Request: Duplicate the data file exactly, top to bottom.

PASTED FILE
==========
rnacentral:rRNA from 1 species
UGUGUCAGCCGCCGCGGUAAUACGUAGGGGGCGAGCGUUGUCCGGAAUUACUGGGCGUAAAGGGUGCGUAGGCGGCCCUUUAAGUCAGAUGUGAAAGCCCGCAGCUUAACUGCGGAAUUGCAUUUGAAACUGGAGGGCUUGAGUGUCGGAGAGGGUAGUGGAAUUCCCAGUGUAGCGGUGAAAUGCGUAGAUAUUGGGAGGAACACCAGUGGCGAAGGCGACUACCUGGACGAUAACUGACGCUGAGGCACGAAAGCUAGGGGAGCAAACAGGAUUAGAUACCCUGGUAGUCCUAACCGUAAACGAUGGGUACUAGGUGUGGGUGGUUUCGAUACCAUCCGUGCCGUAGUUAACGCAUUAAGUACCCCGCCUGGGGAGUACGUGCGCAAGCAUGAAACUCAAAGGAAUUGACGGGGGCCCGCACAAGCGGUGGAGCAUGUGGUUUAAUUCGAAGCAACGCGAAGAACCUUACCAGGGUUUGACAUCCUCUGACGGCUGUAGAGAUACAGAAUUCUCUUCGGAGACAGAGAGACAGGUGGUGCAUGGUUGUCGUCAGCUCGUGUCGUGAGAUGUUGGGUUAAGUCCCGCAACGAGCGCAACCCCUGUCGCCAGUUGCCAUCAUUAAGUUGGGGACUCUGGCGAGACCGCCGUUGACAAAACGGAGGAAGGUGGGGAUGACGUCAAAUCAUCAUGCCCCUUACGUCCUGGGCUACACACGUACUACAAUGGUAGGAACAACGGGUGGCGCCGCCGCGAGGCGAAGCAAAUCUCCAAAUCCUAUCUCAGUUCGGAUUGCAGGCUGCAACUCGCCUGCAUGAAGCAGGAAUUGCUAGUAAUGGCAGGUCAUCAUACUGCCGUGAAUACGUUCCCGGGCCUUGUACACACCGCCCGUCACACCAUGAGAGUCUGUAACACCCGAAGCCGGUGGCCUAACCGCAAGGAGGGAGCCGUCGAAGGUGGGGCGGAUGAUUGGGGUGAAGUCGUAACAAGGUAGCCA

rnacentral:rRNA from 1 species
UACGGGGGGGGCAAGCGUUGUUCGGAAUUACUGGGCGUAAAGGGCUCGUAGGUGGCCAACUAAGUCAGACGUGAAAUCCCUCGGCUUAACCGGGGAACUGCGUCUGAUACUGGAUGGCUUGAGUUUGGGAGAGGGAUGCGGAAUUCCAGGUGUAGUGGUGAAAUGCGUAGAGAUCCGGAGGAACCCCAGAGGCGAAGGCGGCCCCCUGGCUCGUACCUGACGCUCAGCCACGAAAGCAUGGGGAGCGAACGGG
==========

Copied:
rnacentral:rRNA from 1 species
UGUGUCAGCCGCCGCGGUAAUACGUAGGGGGCGAGCGUUGUCCGGAAUUACUGGGCGUAAAGGGUGCGUAGGCGGCCCUUUAAGUCAGAUGUGAAAGCCCGCAGCUUAACUGCGGAAUUGCAUUUGAAACUGGAGGGCUUGAGUGUCGGAGAGGGUAGUGGAAUUCCCAGUGUAGCGGUGAAAUGCGUAGAUAUUGGGAGGAACACCAGUGGCGAAGGCGACUACCUGGACGAUAACUGACGCUGAGGCACGAAAGCUAGGGGAGCAAACAGGAUUAGAUACCCUGGUAGUCCUAACCGUAAACGAUGGGUACUAGGUGUGGGUGGUUUCGAUACCAUCCGUGCCGUAGUUAACGCAUUAAGUACCCCGCCUGGGGAGUACGUGCGCAAGCAUGAAACUCAAAGGAAUUGACGGGGGCCCGCACAAGCGGUGGAGCAUGUGGUUUAAUUCGAAGCAACGCGAAGAACCUUACCAGGGUUUGACAUCCUCUGACGGCUGUAGAGAUACAGAAUUCUCUUCGGAGACAGAGAGACAGGUGGUGCAUGGUUGUCGUCAGCUCGUGUCGUGAGAUGUUGGGUUAAGUCCCGCAACGAGCGCAACCCCUGUCGCCAGUUGCCAUCAUUAAGUUGGGGACUCUGGCGAGACCGCCGUUGACAAAACGGAGGAAGGUGGGGAUGACGUCAAAUCAUCAUGCCCCUUACGUCCUGGGCUACACACGUACUACAAUGGUAGGAACAACGGGUGGCGCCGCCGCGAGGCGAAGCAAAUCUCCAAAUCCUAUCUCAGUUCGGAUUGCAGGCUGCAACUCGCCUGCAUGAAGCAGGAAUUGCUAGUAAUGGCAGGUCAUCAUACUGCCGUGAAUACGUUCCCGGGCCUUGUACACACCGCCCGUCACACCAUGAGAGUCUGUAACACCCGAAGCCGGUGGCCUAACCGCAAGGAGGGAGCCGUCGAAGGUGGGGCGGAUGAUUGGGGUGAAGUCGUAACAAGGUAGCCA

rnacentral:rRNA from 1 species
UACGGGGGGGGCAAGCGUUGUUCGGAAUUACUGGGCGUAAAGGGCUCGUAGGUGGCCAACUAAGUCAGACGUGAAAUCCCUCGGCUUAACCGGGGAACUGCGUCUGAUACUGGAUGGCUUGAGUUUGGGAGAGGGAUGCGGAAUUCCAGGUGUAGUGGUGAAAUGCGUAGAGAUCCGGAGGAACCCCAGAGGCGAAGGCGGCCCCCUGGCUCGUACCUGACGCUCAGCCACGAAAGCAUGGGGAGCGAACGGG